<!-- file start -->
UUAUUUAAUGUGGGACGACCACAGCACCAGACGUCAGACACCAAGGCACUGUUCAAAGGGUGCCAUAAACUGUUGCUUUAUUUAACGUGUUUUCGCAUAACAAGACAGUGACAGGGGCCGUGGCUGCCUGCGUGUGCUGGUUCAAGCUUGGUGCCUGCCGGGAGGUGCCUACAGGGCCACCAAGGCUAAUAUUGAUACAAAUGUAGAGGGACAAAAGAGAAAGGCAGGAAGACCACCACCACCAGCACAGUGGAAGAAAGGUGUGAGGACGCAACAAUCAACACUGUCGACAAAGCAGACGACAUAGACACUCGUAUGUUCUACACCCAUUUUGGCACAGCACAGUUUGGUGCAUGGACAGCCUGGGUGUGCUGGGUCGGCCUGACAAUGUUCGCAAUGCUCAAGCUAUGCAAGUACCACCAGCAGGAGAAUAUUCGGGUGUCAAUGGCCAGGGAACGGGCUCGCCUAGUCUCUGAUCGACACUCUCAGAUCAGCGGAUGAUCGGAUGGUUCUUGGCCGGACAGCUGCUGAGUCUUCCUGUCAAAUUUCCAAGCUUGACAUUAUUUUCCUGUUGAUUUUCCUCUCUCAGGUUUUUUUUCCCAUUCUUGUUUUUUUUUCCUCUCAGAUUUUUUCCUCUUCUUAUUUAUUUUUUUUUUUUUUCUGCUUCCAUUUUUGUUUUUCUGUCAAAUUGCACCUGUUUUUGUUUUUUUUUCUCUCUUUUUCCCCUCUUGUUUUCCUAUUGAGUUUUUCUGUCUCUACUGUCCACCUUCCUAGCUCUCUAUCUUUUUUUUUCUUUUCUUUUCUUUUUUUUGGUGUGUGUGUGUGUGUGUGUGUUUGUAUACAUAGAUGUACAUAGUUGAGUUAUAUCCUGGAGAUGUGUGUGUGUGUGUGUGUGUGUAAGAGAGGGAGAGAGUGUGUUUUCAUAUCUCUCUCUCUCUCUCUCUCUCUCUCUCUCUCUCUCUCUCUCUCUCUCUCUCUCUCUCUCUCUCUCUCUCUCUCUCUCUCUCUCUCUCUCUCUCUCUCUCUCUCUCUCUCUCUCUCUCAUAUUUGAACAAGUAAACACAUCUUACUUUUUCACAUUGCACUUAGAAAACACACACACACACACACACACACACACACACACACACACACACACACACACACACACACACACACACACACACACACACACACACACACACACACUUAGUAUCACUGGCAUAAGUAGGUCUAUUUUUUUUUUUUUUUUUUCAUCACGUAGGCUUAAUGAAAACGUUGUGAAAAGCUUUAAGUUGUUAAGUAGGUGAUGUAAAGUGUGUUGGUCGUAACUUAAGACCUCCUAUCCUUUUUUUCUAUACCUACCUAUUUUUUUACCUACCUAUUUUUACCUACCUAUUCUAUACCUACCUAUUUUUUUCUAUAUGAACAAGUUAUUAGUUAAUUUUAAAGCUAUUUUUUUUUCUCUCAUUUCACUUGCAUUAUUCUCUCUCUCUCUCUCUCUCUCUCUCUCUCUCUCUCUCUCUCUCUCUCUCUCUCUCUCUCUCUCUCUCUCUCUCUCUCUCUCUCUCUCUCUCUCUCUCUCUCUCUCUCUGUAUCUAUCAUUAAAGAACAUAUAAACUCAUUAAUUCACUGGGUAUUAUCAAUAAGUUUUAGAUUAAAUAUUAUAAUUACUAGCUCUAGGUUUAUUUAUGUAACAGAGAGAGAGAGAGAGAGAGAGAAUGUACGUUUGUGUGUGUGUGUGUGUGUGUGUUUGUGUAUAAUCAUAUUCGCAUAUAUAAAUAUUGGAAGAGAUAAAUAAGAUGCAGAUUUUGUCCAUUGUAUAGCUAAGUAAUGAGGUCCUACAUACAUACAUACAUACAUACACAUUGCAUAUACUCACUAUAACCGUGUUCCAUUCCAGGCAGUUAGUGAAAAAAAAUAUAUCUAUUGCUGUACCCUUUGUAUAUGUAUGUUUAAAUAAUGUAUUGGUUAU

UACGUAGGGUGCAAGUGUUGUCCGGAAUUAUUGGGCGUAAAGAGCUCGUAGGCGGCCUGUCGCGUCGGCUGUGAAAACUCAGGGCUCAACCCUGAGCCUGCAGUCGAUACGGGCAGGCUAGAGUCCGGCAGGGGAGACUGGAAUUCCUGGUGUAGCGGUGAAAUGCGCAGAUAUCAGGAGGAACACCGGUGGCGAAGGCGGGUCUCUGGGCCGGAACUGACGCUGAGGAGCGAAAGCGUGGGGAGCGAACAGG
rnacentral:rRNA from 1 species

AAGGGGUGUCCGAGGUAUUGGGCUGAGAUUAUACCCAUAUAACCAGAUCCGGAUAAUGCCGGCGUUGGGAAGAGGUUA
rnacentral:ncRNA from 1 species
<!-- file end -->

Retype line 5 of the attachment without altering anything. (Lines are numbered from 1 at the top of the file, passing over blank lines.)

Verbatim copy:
rnacentral:ncRNA from 1 species